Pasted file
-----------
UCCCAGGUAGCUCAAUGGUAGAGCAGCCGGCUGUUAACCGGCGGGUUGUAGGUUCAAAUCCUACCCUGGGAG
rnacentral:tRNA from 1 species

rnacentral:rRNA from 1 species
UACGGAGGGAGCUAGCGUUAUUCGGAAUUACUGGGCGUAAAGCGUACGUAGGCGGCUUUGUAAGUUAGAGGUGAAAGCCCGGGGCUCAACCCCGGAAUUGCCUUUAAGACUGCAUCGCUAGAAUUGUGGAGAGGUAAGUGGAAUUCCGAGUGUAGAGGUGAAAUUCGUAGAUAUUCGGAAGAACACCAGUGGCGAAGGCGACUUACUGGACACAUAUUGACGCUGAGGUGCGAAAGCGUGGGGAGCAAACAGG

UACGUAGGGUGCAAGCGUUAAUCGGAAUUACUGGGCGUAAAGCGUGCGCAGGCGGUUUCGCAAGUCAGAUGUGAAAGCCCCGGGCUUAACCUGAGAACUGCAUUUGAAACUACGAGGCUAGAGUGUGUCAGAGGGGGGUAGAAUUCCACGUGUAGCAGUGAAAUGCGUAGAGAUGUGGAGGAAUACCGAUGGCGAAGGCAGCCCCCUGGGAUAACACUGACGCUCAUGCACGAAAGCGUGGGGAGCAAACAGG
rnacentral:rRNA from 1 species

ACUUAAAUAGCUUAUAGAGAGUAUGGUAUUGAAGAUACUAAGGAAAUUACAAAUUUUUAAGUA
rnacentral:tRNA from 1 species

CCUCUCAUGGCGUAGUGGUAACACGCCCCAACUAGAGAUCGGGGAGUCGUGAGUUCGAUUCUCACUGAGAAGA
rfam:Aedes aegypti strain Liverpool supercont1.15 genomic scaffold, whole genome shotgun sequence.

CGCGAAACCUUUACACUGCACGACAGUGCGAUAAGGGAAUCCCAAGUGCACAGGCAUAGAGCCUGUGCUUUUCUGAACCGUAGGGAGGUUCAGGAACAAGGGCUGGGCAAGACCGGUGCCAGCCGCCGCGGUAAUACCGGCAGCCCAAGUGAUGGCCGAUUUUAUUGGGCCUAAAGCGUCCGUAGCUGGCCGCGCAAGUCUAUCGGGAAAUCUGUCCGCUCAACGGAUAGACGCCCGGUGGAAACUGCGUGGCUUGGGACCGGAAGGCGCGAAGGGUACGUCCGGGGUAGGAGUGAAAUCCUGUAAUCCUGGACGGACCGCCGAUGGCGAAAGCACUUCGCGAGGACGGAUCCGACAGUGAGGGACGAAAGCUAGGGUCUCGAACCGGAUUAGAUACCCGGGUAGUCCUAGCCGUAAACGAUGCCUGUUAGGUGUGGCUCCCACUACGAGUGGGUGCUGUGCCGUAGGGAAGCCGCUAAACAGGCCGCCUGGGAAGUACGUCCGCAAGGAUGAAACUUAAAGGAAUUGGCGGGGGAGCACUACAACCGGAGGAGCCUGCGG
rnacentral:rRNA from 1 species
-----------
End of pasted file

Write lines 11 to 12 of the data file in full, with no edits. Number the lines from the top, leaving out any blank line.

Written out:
CGCGAAACCUUUACACUGCACGACAGUGCGAUAAGGGAAUCCCAAGUGCACAGGCAUAGAGCCUGUGCUUUUCUGAACCGUAGGGAGGUUCAGGAACAAGGGCUGGGCAAGACCGGUGCCAGCCGCCGCGGUAAUACCGGCAGCCCAAGUGAUGGCCGAUUUUAUUGGGCCUAAAGCGUCCGUAGCUGGCCGCGCAAGUCUAUCGGGAAAUCUGUCCGCUCAACGGAUAGACGCCCGGUGGAAACUGCGUGGCUUGGGACCGGAAGGCGCGAAGGGUACGUCCGGGGUAGGAGUGAAAUCCUGUAAUCCUGGACGGACCGCCGAUGGCGAAAGCACUUCGCGAGGACGGAUCCGACAGUGAGGGACGAAAGCUAGGGUCUCGAACCGGAUUAGAUACCCGGGUAGUCCUAGCCGUAAACGAUGCCUGUUAGGUGUGGCUCCCACUACGAGUGGGUGCUGUGCCGUAGGGAAGCCGCUAAACAGGCCGCCUGGGAAGUACGUCCGCAAGGAUGAAACUUAAAGGAAUUGGCGGGGGAGCACUACAACCGGAGGAGCCUGCGG
rnacentral:rRNA from 1 species